Could We Ever Have an iPhone With Scarlett Johansson’s Voice?

By  · Published on January 5th, 2014

Spike Jonze’s Her hasn’t even hit wide release yet, but everyone has been talking about its futurist concepts for months. And not only talking about them, but desiring them. It used to be that we had to dream about flying cars and hoverboards as being decades away, but in the past ten years smart science fiction has given us more plausible tech and production design. Minority Report’s promise of touch screens and personalized ads came rather quickly, and now our impatient culture will demand the stuff seen in Her immediately. We’ve already got some fashions inspired by the film, but how about the artificial intelligence? And more importantly, the artificial intelligence boyfriends and girlfriends?

Well, that may not be right around the corner. It might not even be possible at all, at least not to the degree it’s seen in Her (I’m skeptical about full AI ever existing). But this generation tends to be satisfied with replicas if not the real thing. We’re not only fine with fake self-lacing Nikes like those seen in Back to the Future Part II, but we’ll even pay thousands of dollars for them. Same goes for light-up flux capacitor models that don’t really transport us back in time. So why not a special smartphone that features Scarlett Johansson’s voice to make us feel like the “Samantha” OS from Her is real? After all, there’s been a HAL 9000 theme available for the iPhone, although it doesn’t really replace the Siri voice or alter the program. It’s only a matter of time before some genius figures out how to do something similar with Johansson’s speech, probably even a mix of Her dialogue and lines from her other movies, for those who want to jailbreak their phones.

I wouldn’t be surprised if at some point Apple does add some more lifelike voices for their devices and computers. Currently we can have Siri in female or male voice and in any number of languages and accents. Meanwhile, Mac computers offer various voice types for the text-to-speech function, and interestingly enough there’s a downloadable “American female” option named “Samantha,” which is the closest to the Siri voice on the iPhone (if this is just a coincidence and not Jonze’s intent to make even more blatant reference to Siri without using that more famous name, then that’s a pretty crazy accident). Navigation system company TomTom has been able to create full GPS speech tracks with the voices of Darth Vader, KITT, Bert and Ernie and even real people like Kim Cattrall and Stephen Fry (watch the hilarious Vader ad here), so what’s stopping Apple or any other smartphone manufacturer from doing something similar with a personal assistant app?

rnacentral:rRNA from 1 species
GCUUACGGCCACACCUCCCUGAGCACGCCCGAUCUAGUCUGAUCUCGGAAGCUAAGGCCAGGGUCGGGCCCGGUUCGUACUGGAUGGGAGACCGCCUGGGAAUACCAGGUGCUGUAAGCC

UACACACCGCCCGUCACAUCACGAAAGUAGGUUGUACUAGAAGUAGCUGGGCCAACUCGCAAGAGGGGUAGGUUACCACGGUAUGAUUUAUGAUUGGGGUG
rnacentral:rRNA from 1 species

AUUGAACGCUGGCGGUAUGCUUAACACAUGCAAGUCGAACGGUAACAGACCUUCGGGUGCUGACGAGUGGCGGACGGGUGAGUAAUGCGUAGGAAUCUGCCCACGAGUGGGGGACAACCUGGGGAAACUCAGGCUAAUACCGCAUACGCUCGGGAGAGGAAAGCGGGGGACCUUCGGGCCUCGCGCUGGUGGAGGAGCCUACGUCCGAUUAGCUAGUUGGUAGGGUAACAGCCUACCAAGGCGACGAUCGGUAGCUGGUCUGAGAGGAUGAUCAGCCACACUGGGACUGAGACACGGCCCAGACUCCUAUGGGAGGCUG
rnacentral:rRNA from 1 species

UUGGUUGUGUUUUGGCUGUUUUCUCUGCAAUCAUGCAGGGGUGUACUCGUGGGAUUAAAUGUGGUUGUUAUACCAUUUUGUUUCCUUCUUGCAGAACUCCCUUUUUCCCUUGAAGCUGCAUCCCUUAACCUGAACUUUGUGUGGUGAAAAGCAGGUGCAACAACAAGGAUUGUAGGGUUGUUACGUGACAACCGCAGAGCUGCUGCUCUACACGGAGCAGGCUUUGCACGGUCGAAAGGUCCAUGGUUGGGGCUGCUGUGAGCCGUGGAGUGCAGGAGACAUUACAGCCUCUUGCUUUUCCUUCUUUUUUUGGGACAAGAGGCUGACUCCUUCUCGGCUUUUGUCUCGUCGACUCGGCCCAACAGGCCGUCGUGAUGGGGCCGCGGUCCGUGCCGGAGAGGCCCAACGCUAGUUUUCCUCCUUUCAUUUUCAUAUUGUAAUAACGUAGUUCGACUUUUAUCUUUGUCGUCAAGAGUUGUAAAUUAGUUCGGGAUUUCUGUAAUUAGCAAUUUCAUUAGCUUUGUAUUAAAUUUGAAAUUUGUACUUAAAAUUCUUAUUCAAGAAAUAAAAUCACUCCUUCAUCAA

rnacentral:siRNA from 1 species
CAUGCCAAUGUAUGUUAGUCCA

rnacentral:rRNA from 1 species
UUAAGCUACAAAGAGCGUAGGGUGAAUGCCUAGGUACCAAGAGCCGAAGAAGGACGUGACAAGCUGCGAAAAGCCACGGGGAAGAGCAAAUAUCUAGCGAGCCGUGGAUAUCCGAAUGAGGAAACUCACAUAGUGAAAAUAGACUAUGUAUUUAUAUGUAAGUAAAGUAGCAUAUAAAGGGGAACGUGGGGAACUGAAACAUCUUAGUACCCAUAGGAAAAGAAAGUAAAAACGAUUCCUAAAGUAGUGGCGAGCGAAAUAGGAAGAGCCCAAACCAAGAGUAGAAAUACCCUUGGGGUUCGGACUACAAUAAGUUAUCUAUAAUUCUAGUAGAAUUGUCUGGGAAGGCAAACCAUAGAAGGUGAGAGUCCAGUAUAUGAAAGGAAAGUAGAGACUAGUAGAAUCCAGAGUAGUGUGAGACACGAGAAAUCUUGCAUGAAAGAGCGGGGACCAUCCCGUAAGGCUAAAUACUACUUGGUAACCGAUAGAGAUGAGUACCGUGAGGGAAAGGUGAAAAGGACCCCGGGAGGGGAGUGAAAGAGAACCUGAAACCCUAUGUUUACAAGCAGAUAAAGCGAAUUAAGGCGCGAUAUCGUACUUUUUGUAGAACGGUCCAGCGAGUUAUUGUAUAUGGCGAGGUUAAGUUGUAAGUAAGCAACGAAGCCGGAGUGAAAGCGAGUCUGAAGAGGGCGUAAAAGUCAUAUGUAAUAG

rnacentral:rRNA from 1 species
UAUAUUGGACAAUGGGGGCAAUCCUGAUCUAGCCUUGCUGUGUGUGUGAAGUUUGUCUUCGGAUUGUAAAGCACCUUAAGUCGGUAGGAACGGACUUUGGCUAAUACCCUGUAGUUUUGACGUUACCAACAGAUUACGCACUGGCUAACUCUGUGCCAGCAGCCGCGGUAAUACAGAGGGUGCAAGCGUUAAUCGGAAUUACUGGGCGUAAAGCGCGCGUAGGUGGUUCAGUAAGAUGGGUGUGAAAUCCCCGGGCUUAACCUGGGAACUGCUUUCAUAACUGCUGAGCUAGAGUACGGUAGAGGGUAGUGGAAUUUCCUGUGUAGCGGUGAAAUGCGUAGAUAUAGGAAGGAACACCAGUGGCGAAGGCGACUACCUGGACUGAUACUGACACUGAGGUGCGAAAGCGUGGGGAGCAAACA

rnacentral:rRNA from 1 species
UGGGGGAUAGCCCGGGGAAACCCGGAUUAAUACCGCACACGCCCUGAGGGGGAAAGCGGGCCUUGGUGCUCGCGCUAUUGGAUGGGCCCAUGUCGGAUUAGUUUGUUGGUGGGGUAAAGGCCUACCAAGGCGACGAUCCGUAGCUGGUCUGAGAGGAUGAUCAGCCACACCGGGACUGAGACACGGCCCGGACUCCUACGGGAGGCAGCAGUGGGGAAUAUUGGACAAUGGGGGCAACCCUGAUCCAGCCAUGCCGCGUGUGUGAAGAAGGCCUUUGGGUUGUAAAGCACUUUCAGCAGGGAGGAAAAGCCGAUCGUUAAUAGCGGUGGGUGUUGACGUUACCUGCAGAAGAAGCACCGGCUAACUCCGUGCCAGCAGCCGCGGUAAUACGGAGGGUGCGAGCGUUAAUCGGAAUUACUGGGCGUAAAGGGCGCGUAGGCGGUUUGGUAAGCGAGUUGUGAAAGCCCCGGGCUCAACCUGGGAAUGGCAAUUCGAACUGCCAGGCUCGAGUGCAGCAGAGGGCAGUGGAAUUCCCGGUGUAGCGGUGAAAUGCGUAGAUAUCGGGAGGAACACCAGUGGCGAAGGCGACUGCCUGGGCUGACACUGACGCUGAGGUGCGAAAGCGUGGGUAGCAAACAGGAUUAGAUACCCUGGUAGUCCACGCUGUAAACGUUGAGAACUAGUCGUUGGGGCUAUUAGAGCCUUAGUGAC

The thing is, Her might have ruined the idea for any kind of official release. Just think of what it would mean if people could switch the Siri voice to that of Johansson? Think of why they’d want to make the switch. In the movie, “Samantha” is really just a sexual object for Theodore Twombly (Joaquin Phoenix) – a point I think is fair to make but not necessarily as a criticism against the movie – so it’d be kind of like getting a sex doll with a celebrity’s face on it (surprisingly, I can’t find one of ScarJo, at least not on any site I feel is safe). The same could be true now of any other celebrity or movie character who would take the gig. Not that I believe that nobody is getting off to Siri, and not just since Her arrived, nor does it matter, I suppose, if it’s a phone voice or just someone listening to clips on their phone.

Meanwhile, just pondering the thought is sure to make the real Siri jealous – or at least pretend jealous. As pointed out earlier today on BuzzFeed, if you ask your iPhone assistant about Her or “Samantha” she replies with one of a few phrases referencing the movie. It’s almost as fun as how she gets upset when you bring up HAL.

Christopher Campbell began writing film criticism and covering film festivals for a zine called Read, back when a zine could actually get you Sundance press credentials. He's now a Senior Editor at FSR and the founding editor of our sister site Nonfics. He also regularly contributes to Fandango and Rotten Tomatoes and is the President of the Critics Choice Association's Documentary Branch.